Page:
“Oh my,” said the oldest sister. “That is truly magnificent.”
Natalie leaned over their shoulders to see. She too had to gasp when she saw it.
A beautiful, oval-shaped stone lay in Sandrine’s hand. It nearly filled her palm and it shone brighter than any stone Natalie had ever seen, glimmering in pearly white and dark black, lines passing over the stone in an irregular pattern. Natalie could make out the other girls’ reflections in the stone, though not her own. She wondered, but did not let her thoughts linger too long on it. Instead, she looked upon the stone.
With sudden clarity, Natalie realized this stone to be the reason she had been taken here. Power emanated from it – power unlike any Natalie had felt in her brief time since becoming a Novus. It was different. It seemed to be based on something else, something unlike the magic Natalie had performed and where that had been drawn from.
It almost seemed to have a life of its own, Natalie thought.
Still, though she had now realized why she was here, she still did not know the bigger why. If she assumed correctly about what time they were in, this scene had taken place five hundred years ago. Even if she was completely off in her judgment, it had still happened at least a century ago, if it had happened at all. What did it matter to her? Why had she been taken to see this scene? What was the purpose?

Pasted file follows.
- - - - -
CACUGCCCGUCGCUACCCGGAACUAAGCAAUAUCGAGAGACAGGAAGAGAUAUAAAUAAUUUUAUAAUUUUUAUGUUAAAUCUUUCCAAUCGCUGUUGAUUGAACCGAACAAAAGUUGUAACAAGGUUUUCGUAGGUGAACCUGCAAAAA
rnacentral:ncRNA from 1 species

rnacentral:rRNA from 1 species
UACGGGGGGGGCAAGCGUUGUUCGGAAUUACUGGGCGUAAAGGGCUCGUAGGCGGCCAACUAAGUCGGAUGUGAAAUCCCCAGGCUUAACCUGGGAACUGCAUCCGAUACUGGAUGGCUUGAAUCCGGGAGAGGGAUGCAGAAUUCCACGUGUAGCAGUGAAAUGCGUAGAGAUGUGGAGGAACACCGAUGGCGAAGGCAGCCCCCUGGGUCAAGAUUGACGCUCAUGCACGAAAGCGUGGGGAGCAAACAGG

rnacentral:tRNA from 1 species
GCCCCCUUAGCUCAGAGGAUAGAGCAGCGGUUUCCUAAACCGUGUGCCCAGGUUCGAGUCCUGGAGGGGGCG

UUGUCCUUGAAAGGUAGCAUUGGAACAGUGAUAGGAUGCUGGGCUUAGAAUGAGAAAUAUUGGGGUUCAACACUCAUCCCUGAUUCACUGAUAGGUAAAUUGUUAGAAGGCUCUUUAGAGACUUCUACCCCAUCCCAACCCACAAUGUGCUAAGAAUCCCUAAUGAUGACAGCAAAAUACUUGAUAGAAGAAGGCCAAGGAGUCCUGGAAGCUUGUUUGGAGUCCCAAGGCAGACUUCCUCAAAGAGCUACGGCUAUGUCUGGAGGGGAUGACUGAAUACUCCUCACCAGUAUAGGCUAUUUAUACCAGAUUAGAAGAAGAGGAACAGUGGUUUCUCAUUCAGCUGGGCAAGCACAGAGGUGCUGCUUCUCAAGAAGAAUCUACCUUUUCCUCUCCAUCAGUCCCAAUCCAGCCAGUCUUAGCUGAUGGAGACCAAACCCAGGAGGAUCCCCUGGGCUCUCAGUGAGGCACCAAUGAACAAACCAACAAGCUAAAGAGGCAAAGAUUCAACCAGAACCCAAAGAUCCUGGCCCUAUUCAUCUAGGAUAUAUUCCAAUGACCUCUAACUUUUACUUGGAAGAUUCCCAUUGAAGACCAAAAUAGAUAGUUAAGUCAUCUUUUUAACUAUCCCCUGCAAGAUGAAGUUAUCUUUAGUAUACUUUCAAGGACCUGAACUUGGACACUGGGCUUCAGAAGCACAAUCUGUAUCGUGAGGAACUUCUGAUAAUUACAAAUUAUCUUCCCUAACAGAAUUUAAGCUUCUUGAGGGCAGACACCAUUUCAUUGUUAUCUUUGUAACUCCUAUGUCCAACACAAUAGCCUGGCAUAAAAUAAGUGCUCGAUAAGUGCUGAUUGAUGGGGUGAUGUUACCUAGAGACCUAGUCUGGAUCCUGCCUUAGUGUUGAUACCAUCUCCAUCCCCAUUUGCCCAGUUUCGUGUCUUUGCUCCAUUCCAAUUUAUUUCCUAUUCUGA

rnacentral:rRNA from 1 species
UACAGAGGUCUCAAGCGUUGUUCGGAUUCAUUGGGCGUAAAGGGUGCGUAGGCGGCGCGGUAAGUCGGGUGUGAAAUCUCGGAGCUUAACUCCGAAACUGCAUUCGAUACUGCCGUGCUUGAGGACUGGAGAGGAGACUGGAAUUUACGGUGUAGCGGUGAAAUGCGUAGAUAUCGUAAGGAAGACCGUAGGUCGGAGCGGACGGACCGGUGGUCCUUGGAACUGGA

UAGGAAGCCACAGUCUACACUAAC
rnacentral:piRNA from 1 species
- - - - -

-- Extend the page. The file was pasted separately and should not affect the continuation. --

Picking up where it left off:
“I have decided to keep it as my own,” the youngest sister said.
Neither the middle or older sister seemed to mind. They both appeared quite interested in the black stone. The middle sister – who had hair the same color as the youngest one, but was a bit heavier set with rougher features – even smiled.
Another breeze swept past them. The oldest sister shook her head.
“It would appear I lost myself for a moment,” she said softly. “We need to return to the village.”
The other sisters agreed but all three seemed strangely reluctant to stand and go. They all looked upon the black stone. Natalie’s eyes rested upon it as well – for some reason, it felt like it should not be left out of sight.
However, as the girls stood up to make the trek back to their village, the world around Natalie started to fade. Darkness swept in from all sides. The women were leaving, walking away from her, but somehow, Natalie could still sense the stone in Sandrine’s hand.
The last thing she saw before darkness erased the world around her was Sandrine clutching the stone close to her heart.